This may sound glib, but I would rather enjoy the technical challenge of getting new aircraft designs right than of flying a 300 seat London bus across the atlantic twice a week. Frankly I'd rather enjoy the salary that goes with bus driving, and so would Mrs Genghis, but I've not given her the choice and have seen how much my bus driving friends enjoy all those nights in the back of beyond away from their families.
Now get back in your box and read your operators manual, written by an Engineer, to tell you how to operate your aeroplane, designed by an engineer, safely, because it was maintained by an engineer (or technician, but I'll keep that particular argument to another forum, where we enjoy it from time to time).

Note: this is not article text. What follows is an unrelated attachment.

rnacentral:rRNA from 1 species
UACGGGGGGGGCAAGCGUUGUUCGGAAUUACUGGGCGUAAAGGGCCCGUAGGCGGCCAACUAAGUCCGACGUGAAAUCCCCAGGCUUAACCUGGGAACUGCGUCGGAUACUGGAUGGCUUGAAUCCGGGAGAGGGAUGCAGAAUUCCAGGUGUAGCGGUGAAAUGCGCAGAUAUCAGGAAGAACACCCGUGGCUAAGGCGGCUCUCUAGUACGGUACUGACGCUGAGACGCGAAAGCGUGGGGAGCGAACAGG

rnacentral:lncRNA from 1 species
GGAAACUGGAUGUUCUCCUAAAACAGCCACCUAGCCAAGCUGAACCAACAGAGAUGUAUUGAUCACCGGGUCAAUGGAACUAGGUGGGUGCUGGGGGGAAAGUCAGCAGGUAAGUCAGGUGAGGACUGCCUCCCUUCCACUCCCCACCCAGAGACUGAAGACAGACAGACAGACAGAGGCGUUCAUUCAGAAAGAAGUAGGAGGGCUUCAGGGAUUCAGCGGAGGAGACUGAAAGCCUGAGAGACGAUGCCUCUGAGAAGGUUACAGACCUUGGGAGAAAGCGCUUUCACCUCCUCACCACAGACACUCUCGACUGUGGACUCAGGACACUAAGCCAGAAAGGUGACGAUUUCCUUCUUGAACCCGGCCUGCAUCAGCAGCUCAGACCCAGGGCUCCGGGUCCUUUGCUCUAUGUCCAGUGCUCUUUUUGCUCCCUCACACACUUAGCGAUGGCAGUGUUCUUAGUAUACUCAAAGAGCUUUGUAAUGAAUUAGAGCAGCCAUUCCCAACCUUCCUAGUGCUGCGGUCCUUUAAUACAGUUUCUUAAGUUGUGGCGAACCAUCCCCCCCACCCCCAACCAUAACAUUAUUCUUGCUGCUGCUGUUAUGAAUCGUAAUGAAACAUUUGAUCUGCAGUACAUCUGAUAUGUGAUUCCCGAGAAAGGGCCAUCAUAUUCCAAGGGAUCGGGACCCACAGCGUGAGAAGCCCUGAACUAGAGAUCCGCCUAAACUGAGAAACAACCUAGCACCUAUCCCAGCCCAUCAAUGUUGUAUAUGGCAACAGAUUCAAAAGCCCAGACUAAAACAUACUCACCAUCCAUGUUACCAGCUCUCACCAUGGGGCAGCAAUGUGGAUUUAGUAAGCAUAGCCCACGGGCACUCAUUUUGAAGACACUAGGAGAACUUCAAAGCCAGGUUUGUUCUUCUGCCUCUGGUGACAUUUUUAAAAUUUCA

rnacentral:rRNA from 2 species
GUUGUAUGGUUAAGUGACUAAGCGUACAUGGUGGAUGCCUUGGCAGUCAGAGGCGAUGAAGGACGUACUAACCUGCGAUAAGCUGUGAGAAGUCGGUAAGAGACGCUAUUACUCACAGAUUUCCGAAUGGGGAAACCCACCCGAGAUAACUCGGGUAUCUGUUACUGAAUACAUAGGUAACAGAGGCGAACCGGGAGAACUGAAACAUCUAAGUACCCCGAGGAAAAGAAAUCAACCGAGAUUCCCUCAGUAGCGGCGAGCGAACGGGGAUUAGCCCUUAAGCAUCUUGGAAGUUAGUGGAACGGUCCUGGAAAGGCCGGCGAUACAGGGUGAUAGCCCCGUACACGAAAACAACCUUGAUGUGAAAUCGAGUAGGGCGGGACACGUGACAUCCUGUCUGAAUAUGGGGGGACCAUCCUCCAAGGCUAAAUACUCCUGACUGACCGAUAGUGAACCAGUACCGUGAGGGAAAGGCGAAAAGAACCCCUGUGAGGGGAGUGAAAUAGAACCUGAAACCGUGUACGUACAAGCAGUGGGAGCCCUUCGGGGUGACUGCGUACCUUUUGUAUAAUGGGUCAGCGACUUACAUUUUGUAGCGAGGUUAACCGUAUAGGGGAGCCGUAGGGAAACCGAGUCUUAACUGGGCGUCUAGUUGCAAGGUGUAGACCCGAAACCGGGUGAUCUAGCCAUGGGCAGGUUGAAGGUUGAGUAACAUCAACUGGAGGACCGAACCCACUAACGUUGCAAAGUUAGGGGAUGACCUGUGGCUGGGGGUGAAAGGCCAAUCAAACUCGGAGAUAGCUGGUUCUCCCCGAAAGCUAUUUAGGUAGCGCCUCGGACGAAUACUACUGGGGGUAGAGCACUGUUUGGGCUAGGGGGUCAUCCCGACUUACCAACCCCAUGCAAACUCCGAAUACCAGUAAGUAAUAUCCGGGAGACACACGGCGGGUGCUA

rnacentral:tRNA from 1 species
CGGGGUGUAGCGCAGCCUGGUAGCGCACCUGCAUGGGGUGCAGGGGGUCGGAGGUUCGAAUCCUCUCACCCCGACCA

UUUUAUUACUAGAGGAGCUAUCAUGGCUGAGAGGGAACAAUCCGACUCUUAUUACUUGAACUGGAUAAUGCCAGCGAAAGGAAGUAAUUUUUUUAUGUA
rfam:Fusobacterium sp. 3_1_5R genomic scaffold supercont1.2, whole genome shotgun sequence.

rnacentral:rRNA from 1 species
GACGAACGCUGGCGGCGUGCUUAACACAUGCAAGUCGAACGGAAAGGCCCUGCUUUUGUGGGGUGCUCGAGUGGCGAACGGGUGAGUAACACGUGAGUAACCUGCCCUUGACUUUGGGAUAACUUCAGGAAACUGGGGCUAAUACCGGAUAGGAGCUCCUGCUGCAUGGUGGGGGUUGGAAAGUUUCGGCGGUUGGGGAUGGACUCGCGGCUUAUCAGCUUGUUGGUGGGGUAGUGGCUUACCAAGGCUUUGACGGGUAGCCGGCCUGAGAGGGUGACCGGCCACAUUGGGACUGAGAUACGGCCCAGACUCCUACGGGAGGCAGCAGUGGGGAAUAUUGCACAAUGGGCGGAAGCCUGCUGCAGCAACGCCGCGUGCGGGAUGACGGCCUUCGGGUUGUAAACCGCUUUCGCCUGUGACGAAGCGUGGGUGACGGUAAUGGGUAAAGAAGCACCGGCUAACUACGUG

Towerpup, i believe you had your tongue firmly in your cheek, either that or you should increase the interval between your deep dives & pressurised flight.
You are correct about the pencils though ,personally i use them to remove the s***** from pilots ears. This can be difficult to acheive as it tends to calcify in the rarified intellectual atmosphere on the flt deck.
All that talk of pensions,pay & expenses !,frightfully interesting ,oh & status blah blah,tres ,tres drole. Yesterday i could'nt spell rectitude & today i still don't understand the concept !.